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Turin is preparing to become the “Capital of Design” this fall

by Augusto Grandi

Recognized by UNESCO as a “Creative City for Design,” Turin is preparing for this fall’s big event by relying on the ideas of 350 young people, almost all of whom are students at IAAD (the Institute of Applied Arts and Design, located at the foot of the Alps). In fact, these young people themselves (in collaboration with the Turin city government and the Piedmont regional government) will select the most suitable methods to transform the city and make sure it’s prepared—not just to host architects, creative types, and designers from around the world—but also for further transformations in the years to come.

For this reason, Turin’s Promotional Assessor, Alberto Sacco, will welcome around thirty students to his office: this will allow them to grasp the difficulties in transforming ideas into projects, and then into tangible creations.

Perhaps the best reference model for this fall’s event is last year’s Salone del Gusto, which involved the entire city. It went beyond the idea of an exposition/fair, encompassing and captivating the city itself with demonstrations, celebrations, meetings, and conferences.

Thus, they are now searching for the most fitting places to host certain events at the show, looking at both buildings and town squares, and evaluating them for the efficiency of their services.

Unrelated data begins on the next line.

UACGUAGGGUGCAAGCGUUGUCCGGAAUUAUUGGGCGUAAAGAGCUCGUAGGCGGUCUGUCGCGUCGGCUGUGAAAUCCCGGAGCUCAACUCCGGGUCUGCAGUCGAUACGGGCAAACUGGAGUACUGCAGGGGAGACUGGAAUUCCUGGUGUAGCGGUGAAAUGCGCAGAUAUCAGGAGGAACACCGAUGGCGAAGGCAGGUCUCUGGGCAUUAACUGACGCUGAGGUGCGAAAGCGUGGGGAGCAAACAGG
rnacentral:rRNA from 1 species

And then they will have to go even further, imagining how Turin will look in the future due to the momentous changes that are already underway. Sacco views the projects created by these young people (38 of whom come from foreign universities, like France's Ecole de Condé and Japan’s Tokyo Metropolitan University) as the basis for a strategic project for Turin.

IAAD’s director, Laura Milani, goes even further, explaining that the initiative is attempting to imagine a city that tackles the big problems with modernity, and whose consequences aren’t limited to a local level. By doing so, they can offer the results of their students’ work to organizations like the UN and the European Union.

These young people, divided into 10 workshops, will analyze the problems and identify their possibilities. The work is taking place on three fronts: planning the event, maintaining relationships with the local community, and interacting with wider networks.


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